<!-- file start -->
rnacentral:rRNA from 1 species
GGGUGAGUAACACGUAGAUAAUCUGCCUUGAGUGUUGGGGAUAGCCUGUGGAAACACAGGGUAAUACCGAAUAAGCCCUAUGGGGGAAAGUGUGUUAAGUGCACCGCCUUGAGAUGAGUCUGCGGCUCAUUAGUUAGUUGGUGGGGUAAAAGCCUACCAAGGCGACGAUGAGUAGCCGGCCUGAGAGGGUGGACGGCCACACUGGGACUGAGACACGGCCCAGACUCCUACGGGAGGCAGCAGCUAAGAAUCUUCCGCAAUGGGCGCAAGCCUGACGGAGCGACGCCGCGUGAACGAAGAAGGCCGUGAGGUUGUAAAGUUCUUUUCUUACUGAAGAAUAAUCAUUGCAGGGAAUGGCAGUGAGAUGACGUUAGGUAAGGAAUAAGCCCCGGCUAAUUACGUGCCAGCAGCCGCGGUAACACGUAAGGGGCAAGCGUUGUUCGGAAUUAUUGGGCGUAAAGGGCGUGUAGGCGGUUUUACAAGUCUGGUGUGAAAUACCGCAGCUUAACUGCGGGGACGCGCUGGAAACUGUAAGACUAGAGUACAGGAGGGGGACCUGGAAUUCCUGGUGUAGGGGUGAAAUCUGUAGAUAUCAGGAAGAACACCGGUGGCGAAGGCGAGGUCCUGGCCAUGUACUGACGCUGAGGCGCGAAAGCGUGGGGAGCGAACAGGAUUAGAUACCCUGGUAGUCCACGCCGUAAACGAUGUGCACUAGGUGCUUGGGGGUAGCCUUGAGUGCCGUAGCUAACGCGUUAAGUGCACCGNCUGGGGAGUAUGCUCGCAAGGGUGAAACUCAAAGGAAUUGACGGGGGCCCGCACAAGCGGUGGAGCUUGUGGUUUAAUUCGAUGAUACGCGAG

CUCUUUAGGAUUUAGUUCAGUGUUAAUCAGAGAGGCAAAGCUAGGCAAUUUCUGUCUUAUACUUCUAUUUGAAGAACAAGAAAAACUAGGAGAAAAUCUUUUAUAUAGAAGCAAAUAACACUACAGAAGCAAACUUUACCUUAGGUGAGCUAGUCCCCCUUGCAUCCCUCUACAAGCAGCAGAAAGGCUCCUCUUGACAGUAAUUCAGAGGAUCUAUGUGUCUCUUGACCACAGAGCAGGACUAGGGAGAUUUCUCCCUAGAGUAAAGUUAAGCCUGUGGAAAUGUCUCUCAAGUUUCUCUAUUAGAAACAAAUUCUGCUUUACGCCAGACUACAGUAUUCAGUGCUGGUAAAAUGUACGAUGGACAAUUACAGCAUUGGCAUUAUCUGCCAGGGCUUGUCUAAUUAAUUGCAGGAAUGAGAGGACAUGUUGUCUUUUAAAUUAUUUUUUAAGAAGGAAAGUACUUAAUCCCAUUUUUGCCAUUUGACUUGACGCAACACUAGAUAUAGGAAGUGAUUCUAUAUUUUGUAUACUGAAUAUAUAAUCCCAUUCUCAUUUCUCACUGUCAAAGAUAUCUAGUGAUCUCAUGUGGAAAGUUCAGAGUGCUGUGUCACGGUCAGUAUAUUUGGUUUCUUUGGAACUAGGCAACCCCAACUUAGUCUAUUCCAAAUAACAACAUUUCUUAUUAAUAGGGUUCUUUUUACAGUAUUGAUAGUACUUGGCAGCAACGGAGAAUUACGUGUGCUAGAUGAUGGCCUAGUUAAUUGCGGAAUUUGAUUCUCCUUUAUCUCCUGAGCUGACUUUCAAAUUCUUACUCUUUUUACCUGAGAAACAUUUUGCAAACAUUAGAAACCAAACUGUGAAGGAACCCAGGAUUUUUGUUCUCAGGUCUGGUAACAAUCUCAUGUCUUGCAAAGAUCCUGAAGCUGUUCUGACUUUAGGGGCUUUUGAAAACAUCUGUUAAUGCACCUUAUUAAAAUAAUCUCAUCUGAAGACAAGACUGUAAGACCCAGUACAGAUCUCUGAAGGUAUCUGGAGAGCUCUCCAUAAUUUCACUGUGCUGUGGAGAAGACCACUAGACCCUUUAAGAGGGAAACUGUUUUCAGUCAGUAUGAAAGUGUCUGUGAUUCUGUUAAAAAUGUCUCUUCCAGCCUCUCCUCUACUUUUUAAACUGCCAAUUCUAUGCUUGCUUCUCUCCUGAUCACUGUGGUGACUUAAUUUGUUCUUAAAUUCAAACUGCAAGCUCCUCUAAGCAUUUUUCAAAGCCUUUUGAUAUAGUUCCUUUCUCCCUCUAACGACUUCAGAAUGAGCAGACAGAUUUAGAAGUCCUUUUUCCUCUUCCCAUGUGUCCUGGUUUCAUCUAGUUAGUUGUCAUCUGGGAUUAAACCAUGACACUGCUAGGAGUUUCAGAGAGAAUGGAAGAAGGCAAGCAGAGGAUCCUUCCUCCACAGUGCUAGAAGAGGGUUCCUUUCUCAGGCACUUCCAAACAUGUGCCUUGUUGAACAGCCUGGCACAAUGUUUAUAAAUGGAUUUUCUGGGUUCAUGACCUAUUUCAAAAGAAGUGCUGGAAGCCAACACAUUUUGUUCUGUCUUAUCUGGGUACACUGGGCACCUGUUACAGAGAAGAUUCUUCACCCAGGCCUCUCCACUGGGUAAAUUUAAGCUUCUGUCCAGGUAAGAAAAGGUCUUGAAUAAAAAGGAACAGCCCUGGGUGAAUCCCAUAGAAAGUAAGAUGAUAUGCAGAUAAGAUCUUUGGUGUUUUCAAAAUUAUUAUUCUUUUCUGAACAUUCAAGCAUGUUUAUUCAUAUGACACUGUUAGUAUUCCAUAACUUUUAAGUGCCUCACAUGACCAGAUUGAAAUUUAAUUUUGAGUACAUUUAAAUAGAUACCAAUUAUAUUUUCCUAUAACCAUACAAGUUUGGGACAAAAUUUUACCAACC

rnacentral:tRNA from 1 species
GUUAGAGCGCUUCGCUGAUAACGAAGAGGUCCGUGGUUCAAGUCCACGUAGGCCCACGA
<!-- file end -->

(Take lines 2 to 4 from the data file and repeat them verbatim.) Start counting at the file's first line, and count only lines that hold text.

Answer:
GGGUGAGUAACACGUAGAUAAUCUGCCUUGAGUGUUGGGGAUAGCCUGUGGAAACACAGGGUAAUACCGAAUAAGCCCUAUGGGGGAAAGUGUGUUAAGUGCACCGCCUUGAGAUGAGUCUGCGGCUCAUUAGUUAGUUGGUGGGGUAAAAGCCUACCAAGGCGACGAUGAGUAGCCGGCCUGAGAGGGUGGACGGCCACACUGGGACUGAGACACGGCCCAGACUCCUACGGGAGGCAGCAGCUAAGAAUCUUCCGCAAUGGGCGCAAGCCUGACGGAGCGACGCCGCGUGAACGAAGAAGGCCGUGAGGUUGUAAAGUUCUUUUCUUACUGAAGAAUAAUCAUUGCAGGGAAUGGCAGUGAGAUGACGUUAGGUAAGGAAUAAGCCCCGGCUAAUUACGUGCCAGCAGCCGCGGUAACACGUAAGGGGCAAGCGUUGUUCGGAAUUAUUGGGCGUAAAGGGCGUGUAGGCGGUUUUACAAGUCUGGUGUGAAAUACCGCAGCUUAACUGCGGGGACGCGCUGGAAACUGUAAGACUAGAGUACAGGAGGGGGACCUGGAAUUCCUGGUGUAGGGGUGAAAUCUGUAGAUAUCAGGAAGAACACCGGUGGCGAAGGCGAGGUCCUGGCCAUGUACUGACGCUGAGGCGCGAAAGCGUGGGGAGCGAACAGGAUUAGAUACCCUGGUAGUCCACGCCGUAAACGAUGUGCACUAGGUGCUUGGGGGUAGCCUUGAGUGCCGUAGCUAACGCGUUAAGUGCACCGNCUGGGGAGUAUGCUCGCAAGGGUGAAACUCAAAGGAAUUGACGGGGGCCCGCACAAGCGGUGGAGCUUGUGGUUUAAUUCGAUGAUACGCGAG

CUCUUUAGGAUUUAGUUCAGUGUUAAUCAGAGAGGCAAAGCUAGGCAAUUUCUGUCUUAUACUUCUAUUUGAAGAACAAGAAAAACUAGGAGAAAAUCUUUUAUAUAGAAGCAAAUAACACUACAGAAGCAAACUUUACCUUAGGUGAGCUAGUCCCCCUUGCAUCCCUCUACAAGCAGCAGAAAGGCUCCUCUUGACAGUAAUUCAGAGGAUCUAUGUGUCUCUUGACCACAGAGCAGGACUAGGGAGAUUUCUCCCUAGAGUAAAGUUAAGCCUGUGGAAAUGUCUCUCAAGUUUCUCUAUUAGAAACAAAUUCUGCUUUACGCCAGACUACAGUAUUCAGUGCUGGUAAAAUGUACGAUGGACAAUUACAGCAUUGGCAUUAUCUGCCAGGGCUUGUCUAAUUAAUUGCAGGAAUGAGAGGACAUGUUGUCUUUUAAAUUAUUUUUUAAGAAGGAAAGUACUUAAUCCCAUUUUUGCCAUUUGACUUGACGCAACACUAGAUAUAGGAAGUGAUUCUAUAUUUUGUAUACUGAAUAUAUAAUCCCAUUCUCAUUUCUCACUGUCAAAGAUAUCUAGUGAUCUCAUGUGGAAAGUUCAGAGUGCUGUGUCACGGUCAGUAUAUUUGGUUUCUUUGGAACUAGGCAACCCCAACUUAGUCUAUUCCAAAUAACAACAUUUCUUAUUAAUAGGGUUCUUUUUACAGUAUUGAUAGUACUUGGCAGCAACGGAGAAUUACGUGUGCUAGAUGAUGGCCUAGUUAAUUGCGGAAUUUGAUUCUCCUUUAUCUCCUGAGCUGACUUUCAAAUUCUUACUCUUUUUACCUGAGAAACAUUUUGCAAACAUUAGAAACCAAACUGUGAAGGAACCCAGGAUUUUUGUUCUCAGGUCUGGUAACAAUCUCAUGUCUUGCAAAGAUCCUGAAGCUGUUCUGACUUUAGGGGCUUUUGAAAACAUCUGUUAAUGCACCUUAUUAAAAUAAUCUCAUCUGAAGACAAGACUGUAAGACCCAGUACAGAUCUCUGAAGGUAUCUGGAGAGCUCUCCAUAAUUUCACUGUGCUGUGGAGAAGACCACUAGACCCUUUAAGAGGGAAACUGUUUUCAGUCAGUAUGAAAGUGUCUGUGAUUCUGUUAAAAAUGUCUCUUCCAGCCUCUCCUCUACUUUUUAAACUGCCAAUUCUAUGCUUGCUUCUCUCCUGAUCACUGUGGUGACUUAAUUUGUUCUUAAAUUCAAACUGCAAGCUCCUCUAAGCAUUUUUCAAAGCCUUUUGAUAUAGUUCCUUUCUCCCUCUAACGACUUCAGAAUGAGCAGACAGAUUUAGAAGUCCUUUUUCCUCUUCCCAUGUGUCCUGGUUUCAUCUAGUUAGUUGUCAUCUGGGAUUAAACCAUGACACUGCUAGGAGUUUCAGAGAGAAUGGAAGAAGGCAAGCAGAGGAUCCUUCCUCCACAGUGCUAGAAGAGGGUUCCUUUCUCAGGCACUUCCAAACAUGUGCCUUGUUGAACAGCCUGGCACAAUGUUUAUAAAUGGAUUUUCUGGGUUCAUGACCUAUUUCAAAAGAAGUGCUGGAAGCCAACACAUUUUGUUCUGUCUUAUCUGGGUACACUGGGCACCUGUUACAGAGAAGAUUCUUCACCCAGGCCUCUCCACUGGGUAAAUUUAAGCUUCUGUCCAGGUAAGAAAAGGUCUUGAAUAAAAAGGAACAGCCCUGGGUGAAUCCCAUAGAAAGUAAGAUGAUAUGCAGAUAAGAUCUUUGGUGUUUUCAAAAUUAUUAUUCUUUUCUGAACAUUCAAGCAUGUUUAUUCAUAUGACACUGUUAGUAUUCCAUAACUUUUAAGUGCCUCACAUGACCAGAUUGAAAUUUAAUUUUGAGUACAUUUAAAUAGAUACCAAUUAUAUUUUCCUAUAACCAUACAAGUUUGGGACAAAAUUUUACCAACC

rnacentral:tRNA from 1 species